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Patience, please

The president as well as Senate Democrats should not rush in confirming a new attorney general.

September 24, 2007

President Bush wants the Senate to confirm his choice for attorney general, retired federal judge Michael B. Mukasey, before its October recess. If Democrats don't embrace the White House timeline, they will be accused of not taking yes for an answer. After all, they asked Bush to nominate a blue-chip candidate like Mukasey rather than a sharper-edged partisan like former Solicitor General Theodore B. Olson. Sen. Charles E. Schumer (D-N.Y) even floated Mukasey's name.

Bush should show some patience. Mukasey's stature does make it easier for the Senate to move expeditiously, but there is nothing magical about the White House's Oct. 8 target date. Precisely because of Alberto R. Gonzales' dereliction, the Senate should carefully question even as impressive a candidate as Mukasey about his plans and his philosophy, particularly regarding the legal basis for the war on terror. If that requires postponing a vote until after the recess, so be it.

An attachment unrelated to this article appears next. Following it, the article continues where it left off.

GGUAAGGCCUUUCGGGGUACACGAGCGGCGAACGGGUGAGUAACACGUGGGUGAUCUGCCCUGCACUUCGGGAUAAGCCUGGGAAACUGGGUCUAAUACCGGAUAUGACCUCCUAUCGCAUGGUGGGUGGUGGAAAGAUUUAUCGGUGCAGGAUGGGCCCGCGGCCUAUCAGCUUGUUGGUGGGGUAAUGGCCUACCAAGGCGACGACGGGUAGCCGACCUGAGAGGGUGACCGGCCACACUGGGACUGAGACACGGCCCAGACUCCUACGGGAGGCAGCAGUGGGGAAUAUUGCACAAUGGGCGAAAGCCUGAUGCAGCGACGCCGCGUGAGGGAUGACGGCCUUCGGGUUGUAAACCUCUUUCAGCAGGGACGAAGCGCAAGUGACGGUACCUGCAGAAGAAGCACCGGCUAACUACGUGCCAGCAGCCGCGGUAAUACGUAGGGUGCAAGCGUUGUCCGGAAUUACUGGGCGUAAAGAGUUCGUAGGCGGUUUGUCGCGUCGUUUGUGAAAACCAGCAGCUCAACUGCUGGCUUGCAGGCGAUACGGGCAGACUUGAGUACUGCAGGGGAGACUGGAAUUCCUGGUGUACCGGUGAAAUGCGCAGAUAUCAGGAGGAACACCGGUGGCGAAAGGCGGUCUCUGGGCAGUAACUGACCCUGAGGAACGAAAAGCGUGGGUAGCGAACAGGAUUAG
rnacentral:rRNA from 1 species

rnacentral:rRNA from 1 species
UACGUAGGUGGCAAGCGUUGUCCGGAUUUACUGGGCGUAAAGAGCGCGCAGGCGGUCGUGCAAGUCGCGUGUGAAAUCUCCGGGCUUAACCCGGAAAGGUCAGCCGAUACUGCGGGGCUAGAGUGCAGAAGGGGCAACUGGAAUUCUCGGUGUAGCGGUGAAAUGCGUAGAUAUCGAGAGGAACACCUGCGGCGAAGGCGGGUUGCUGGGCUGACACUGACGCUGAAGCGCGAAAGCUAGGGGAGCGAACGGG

Ironically, Bush himself has removed a justification for fast-tracking the confirmation process. Last Monday, the president announced that the Justice Department would be run temporarily not by Solicitor General Paul D. Clement, the government's chief lawyer in the Supreme Court, but by Assistant Atty. Gen. Peter D. Keisler. That means the Senate can give due consideration to Mukasey's qualifications without distracting Clement from his duties at the court, which begins its new term on Oct. 1.

The Judiciary Committee should take as long as necessary to question Mukasey about his intentions, but no longer. It's encouraging that Democrats seem to be edging away from any plan to hold the nomination hostage until the White House produces witnesses and documents that would shed light on the still-mysterious dismissals of nine U.S. attorneys under Gonzales.

As we have observed before, enough uncertainty remains about whether some or all of the firings were improper that the administration needs to be more forthcoming, even after Gonzales' departure. We continue to support a compromise proposed by Schumer and Sen. Arlen Specter (R-Pa.), in which former officials such as Harriet E. Miers and Karl Rove would testify for the record about White House involvement in the firings but without being placed under oath.

Progress on such a compromise would be welcome. But it shouldn't be a precondition for Mukasey's confirmation if the Senate satisfies itself -- after a deliberate review -- that he is willing and able to lead the Justice Department in the post-Gonzales era. Like Bush, Democrats need to show some patience.

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